Ridge Hill in NY has an automated parking garage. You drive in and push a button and get a ticket. When you are leaving you pay the parking fee at a kiosk on the way out. You then have like 20 minutes to leave the parking facility.

    Editor’s note: This is not Nancy of NancyOnNorwalk.

  13. One and Done.

    Don’t worry about the automated parking garage. This will be hole in the ground for several decades, if they finish the demolition. POKO is a con and the bright bulbs we have running our government still haven’t caught on to that fact. Or maybe the timely donations (using our grant money) to their campaigns has helped them turn a blind eye?

  14. jlightfield

    Considering that car manufacturers are rolling out car models that park themselves today, whether you are ready for it or not, automated parking is just the beginning of how cars will store themselves.
    But for those unfamiliar with the project, short term parking spaces are not automated, the residential parking spaces for long term use are.

  15. John Hamlin

    Automated parking — why is everyone so afraid and opposed? Ahh — it’s something NEW, and Norwalk doesn’t like anything new. Actually, I guess it’s progress that Norwalk has moved beyond fighting the automobile itself and moved on to fighting automated parking. Perhaps wait to see how it works before objecting too much? It’s like the great new recycling system that people objected to so much — turns out it’s an improvement and progress.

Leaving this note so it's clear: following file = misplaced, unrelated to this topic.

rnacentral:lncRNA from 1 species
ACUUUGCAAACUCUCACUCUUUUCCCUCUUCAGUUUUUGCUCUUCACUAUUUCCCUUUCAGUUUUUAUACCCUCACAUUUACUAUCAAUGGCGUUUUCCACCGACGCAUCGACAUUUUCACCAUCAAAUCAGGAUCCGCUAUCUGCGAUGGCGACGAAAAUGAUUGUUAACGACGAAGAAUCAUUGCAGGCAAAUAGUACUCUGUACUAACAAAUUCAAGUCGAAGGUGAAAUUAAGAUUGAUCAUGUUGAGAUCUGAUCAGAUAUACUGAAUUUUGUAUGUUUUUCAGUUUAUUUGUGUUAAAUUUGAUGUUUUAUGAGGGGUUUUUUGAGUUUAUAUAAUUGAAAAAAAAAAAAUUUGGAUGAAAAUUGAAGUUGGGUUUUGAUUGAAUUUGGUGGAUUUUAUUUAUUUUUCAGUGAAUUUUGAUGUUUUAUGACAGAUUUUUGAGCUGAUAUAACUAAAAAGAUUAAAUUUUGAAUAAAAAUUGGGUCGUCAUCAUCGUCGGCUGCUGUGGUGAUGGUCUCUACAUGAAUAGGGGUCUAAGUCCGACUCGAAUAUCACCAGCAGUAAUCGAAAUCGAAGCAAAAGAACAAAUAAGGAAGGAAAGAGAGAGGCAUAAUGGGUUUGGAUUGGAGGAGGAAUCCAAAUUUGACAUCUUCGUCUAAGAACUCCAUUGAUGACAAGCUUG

16. Suzanne

    Automated Parking Systems are not new. While the US decided to eliminate most of their systems in the 60’s due to mechanical problems, a resurgence in installation of these systems began in the 1990’s as part of the package of sustainability – using less land for parking as an example. T
    The link explains that such systems continued to be installed around the world even as the US stopped installing them for the aforementioned reason and developed better mechanics. Europe and Japan, for example, do not have the land mass like the US for vast fields of asphalt.
    There is no need to be afraid of a mechanism that began conceptually in 1905 and has had the opportunity to be made much more efficient since.

  17. Dennis DiManis

    When the new bike lanes are set up, everyone that doesn’t like the parking arrangement can ride their bike instead.